I once met a CEO of a company in India that produced automotive components. He told me about a particular problem he had.

The CEO had invested over US$150mil in a fully-automated plant that converted raw metal into the finished product in a matter of minutes with very little manual intervention. Yet, although the plant was just over a year old, it was only running at 25 to 30% capacity. The plant was not covering its costs, and it was also making him a thumping loss and pulling the overall business down.

He had a team of highly-qualified electrical and mechanical engineers. So, he could not fathom why the plant was performing so poorly.

We agreed to do a diagnostic. After a few weeks, my colleagues and I discovered that there was nothing wrong with the plant. Instead, the problem was the company’s culture.

The CEO had the habit of touring the plant a few times a day, always on the lookout for anything not working. The engineering team, eager to please him, would keep the machines running to give him the impression that all was well.

However, this was all window dressing. Their answer to any breakdown was to fix the problem just enough to get the plant running. Here’s what I mean: As I walked around the plant, I spotted an aerial fashioned from a wire hanger!

The “solutions” were not just half-baked; they masked the real issues. 

“This is how we’ve always done things around here”

Business owners often start a company with a certain culture in mind. However, as the business grows, the culture evolves – sometimes to one that they had not envisioned. Or, a new CEO comes onboard only to find out that the current company culture is standing in the way of the organisation’s progress and future.

I’ve seen leaders let things remain the way they are. I’ve seen some relegate the job of fixing things to Human Resources.

Both are bad solutions. Ignoring bad culture is not a good idea and change that comes from the top has a better chance of succeeding.

Fortunately, the CEO of the automotive parts company was happy to own the problem and fix it.

For months, we worked to gradually change the legacy culture and behaviours. We enforced a system where engineers had to analyse the reasons for recurring problems and put in permanent solutions instead of band aid fixes.

In a matter of weeks, we increased plant utilisation to over 50%. In the next few months, it shot up to 75%.

This may sound easy in writing, but believe me, it was hard work. But success breeds success.

Once employees saw the improved results, their attitudes changed and they were driven to improve the efficiency of the plant.

Today, the plants’ performance has helped the company to become one of the most successful in the world in its sector.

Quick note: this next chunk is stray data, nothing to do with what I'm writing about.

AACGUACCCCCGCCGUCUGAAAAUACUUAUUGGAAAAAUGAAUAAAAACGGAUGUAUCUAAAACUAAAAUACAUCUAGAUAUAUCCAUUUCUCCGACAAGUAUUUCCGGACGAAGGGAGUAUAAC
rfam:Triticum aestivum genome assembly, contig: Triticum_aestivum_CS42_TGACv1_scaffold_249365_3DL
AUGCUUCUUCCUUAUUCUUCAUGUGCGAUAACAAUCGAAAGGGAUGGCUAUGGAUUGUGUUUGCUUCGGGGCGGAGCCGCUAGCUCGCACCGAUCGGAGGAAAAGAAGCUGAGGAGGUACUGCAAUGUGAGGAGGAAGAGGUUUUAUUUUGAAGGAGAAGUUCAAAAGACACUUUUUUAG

Confronting and transforming culture

The CEO’s idea was a good one – he hired employees who were technically competent. However, as they were not given clear expectations of how to achieve results, they behaved in line with the company’s traditional culture, which resulted in the plant failing to perform.

As this case demonstrates, culture plays an important part in a company’s performance. 

“Culture” is the organisation’s value system and personality. These are the mindsets, habits and behaviours that employees share. It will attract talent that shares the same values and repels those who do not.

There’s no one type of culture that is considered perfect. But as you can see from this case, trouble comes when it ends up working against the company.

When this happens, it’s time to course correct. It can be challenging to transform something as abstract as culture, but it can be done.

First, survey the cultural landscape

A company’s strategy and its alignment to structure and design, workflow and processes, policies, technologies and reward system play a big part in driving the culture. So, the first step is to determine how these are driving behaviours, decisions and actions in the company.

Define the mission and values

Don’t be too surprised if an employee can’t explain the company mission and values. Many companies don’t have them written down, or if they do, they are poorly defined. Having them clearly spelled out ensures that every member of the organisation knows how to behave.

Communicate and ensure adoption 

Companies with great cultures communicate their mission and values so clearly that every employee knows what is expected of them. Leadership must also live and broadcast them continuously and employees should be appraised against the mission and values, not just in annual performance reviews but in day-to-day activities and decision making.

Adopt a top-down, bottom-up approach

Top-down, “do it my way” approaches rarely work. If people’s behaviours, habits, attitudes and mindset form part of the culture, it makes sense to involve everyone in the organisation in the transformation effort. This way, not only do we get ownership and buy-in, but we get to work on matters that will impact all levels of the organisation.

Conclusion

Friction will be inevitable when we change “how things are usually done around here” – even if one applies the steps above to the letter. No friction doesn’t mean good news – sometimes it may indicate that nothing is changing! The challenge is to manage this friction effectively.

Resist the temptation to impose authority to stomp out the friction to accelerate the change. When transformation is done from a top-down, bottom-up approach, the entire organisation will be inspired to work towards a common vision, making the change sustainable.

Krishna Paupamah has worked with companies globally to transform their business for over 35 years. He is the Founder and Group CEO of Renoir Consulting.

This column was first published in Business Today.